Originally on Life in 10 Minutes
It’s hard to put into words, but as you can see, I’m trying.
It’s hard to describe to someone who isn’t from Richmond, but I do want to try.
I grew up seeing those statues on a weekly or even daily basis. People from out of town (Yankees, carpetbaggers) don’t realize just how integral they are to this city.
They are not off in some historical park that you visit only on school field trips. Those statues are on a main thoroughfare, a graceful, sun-dappled avenue where many hundred-year old trees have not survived hurricane season and have had to be replanted. And yet the statues remain.
When I woke up Sunday and saw the images of those statues covered in graffiti, my eyes filled. Not in sadness but in pride, love, and hope.
I had to go see them for myself. I had to take my children.
So many different hands transformed them into their new existence. So many different colors of paint. So many perfectly conflicting messages of love, anger, rage, hope, peace . . . all coexisting in a gorgeous cacophony that was somehow utterly perfect.
My heart swelled to see them in person. There were skateboarders doing tricks using the base of the monument as a launch pad. There was a group of Black students protesting peacefully on the steps. There were kids climbing on them, jumping over the felled wrought-iron fences that protected them for a hundred years.
It felt like those statues were being reclaimed by the city that glorified them for too long.
It felt like visiting the Coliseum in Rome. We were there to see an ancient symbol, now in ruins, made more beautiful somehow by their ruining.
I can summon not even one ounce of sadness for the loss of their original state. They are better like this. They finally make sense.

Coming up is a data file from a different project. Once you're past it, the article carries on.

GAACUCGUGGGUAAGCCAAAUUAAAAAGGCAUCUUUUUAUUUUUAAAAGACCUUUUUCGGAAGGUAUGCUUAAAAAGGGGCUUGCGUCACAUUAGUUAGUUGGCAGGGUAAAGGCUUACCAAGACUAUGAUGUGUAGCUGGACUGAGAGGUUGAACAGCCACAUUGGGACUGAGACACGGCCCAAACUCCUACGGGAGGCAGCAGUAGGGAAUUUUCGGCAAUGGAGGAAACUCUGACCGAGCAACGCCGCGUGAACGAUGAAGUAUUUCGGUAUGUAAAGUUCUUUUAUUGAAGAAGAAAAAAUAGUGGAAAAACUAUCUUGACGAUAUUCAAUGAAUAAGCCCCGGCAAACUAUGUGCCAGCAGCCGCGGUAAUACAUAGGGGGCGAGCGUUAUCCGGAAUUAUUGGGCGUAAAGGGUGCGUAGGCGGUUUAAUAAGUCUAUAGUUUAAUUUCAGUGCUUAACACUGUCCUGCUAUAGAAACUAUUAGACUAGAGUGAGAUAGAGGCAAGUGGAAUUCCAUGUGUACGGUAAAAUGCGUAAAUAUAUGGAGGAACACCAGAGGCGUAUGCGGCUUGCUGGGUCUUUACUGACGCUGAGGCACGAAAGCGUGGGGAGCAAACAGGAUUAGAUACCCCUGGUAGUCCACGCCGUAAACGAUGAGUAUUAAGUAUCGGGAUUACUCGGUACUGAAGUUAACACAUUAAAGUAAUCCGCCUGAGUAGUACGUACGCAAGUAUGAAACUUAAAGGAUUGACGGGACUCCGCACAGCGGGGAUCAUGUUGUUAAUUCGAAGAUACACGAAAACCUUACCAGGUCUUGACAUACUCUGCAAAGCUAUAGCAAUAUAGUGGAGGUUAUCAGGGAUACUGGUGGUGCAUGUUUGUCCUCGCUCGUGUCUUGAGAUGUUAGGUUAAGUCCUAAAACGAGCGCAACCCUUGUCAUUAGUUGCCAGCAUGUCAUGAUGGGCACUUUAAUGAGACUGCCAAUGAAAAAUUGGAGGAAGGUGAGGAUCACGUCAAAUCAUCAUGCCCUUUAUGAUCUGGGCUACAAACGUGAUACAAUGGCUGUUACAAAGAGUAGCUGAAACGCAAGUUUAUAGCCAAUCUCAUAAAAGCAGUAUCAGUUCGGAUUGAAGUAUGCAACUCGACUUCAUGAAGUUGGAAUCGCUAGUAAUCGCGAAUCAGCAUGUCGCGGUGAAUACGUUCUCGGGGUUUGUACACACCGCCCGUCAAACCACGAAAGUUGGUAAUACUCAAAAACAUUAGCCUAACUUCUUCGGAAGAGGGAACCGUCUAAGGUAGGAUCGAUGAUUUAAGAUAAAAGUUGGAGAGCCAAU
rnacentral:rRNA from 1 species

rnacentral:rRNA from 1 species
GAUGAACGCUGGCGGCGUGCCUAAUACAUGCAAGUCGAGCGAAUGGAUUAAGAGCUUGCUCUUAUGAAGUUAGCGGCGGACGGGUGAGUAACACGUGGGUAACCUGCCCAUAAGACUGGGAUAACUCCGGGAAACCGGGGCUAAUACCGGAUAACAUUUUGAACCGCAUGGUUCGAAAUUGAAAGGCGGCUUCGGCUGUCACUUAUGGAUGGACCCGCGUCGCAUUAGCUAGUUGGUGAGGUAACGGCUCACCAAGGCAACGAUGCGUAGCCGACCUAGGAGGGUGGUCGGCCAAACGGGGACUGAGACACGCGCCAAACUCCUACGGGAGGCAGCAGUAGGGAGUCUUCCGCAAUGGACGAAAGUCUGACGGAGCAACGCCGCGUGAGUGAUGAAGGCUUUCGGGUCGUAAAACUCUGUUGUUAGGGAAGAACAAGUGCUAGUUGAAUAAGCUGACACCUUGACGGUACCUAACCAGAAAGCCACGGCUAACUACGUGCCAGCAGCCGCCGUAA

Photos of these statues in their new form may be in history books in 50 years as a symbol of a change, like the Berlin Wall coming down, like protesters pulling over the statue of Saddam Hussein.
Do I exaggerate? That is how momentous it felt to me, a lifelong Richmonder who was raised to revere those statues both as important public art and as symbols of our history. They are new symbols now. They have finally been contextualized.
I grieve for George Floyd. I grieve for Breonna Taylor. Ahmaud Arbery. Marcus David Peters. Trayvon Martin. Philando Castille. Alton Sterling. Sandra Bland. There are too many to name.
But I do not grieve for the statues. I do not grieve for the Daughters of the Confederacy building. I do not grieve for old ideas. My heart swells with hope; my chest fills with pride.
Sometimes, as in a forest, things have to burn to clear away the old, the dead, the decaying, to make room for new life.
Editorial: Navy Hill project is painted as a false dichotomy that poses great potential risk to our city’s future
I haven’t yet taken a public stance on the Navy Hill / Coliseum redevelopment project, but with the announcement of a new CoStar office tower as part of the proposed development, that changes today. Strap in; I have a lot of thoughts.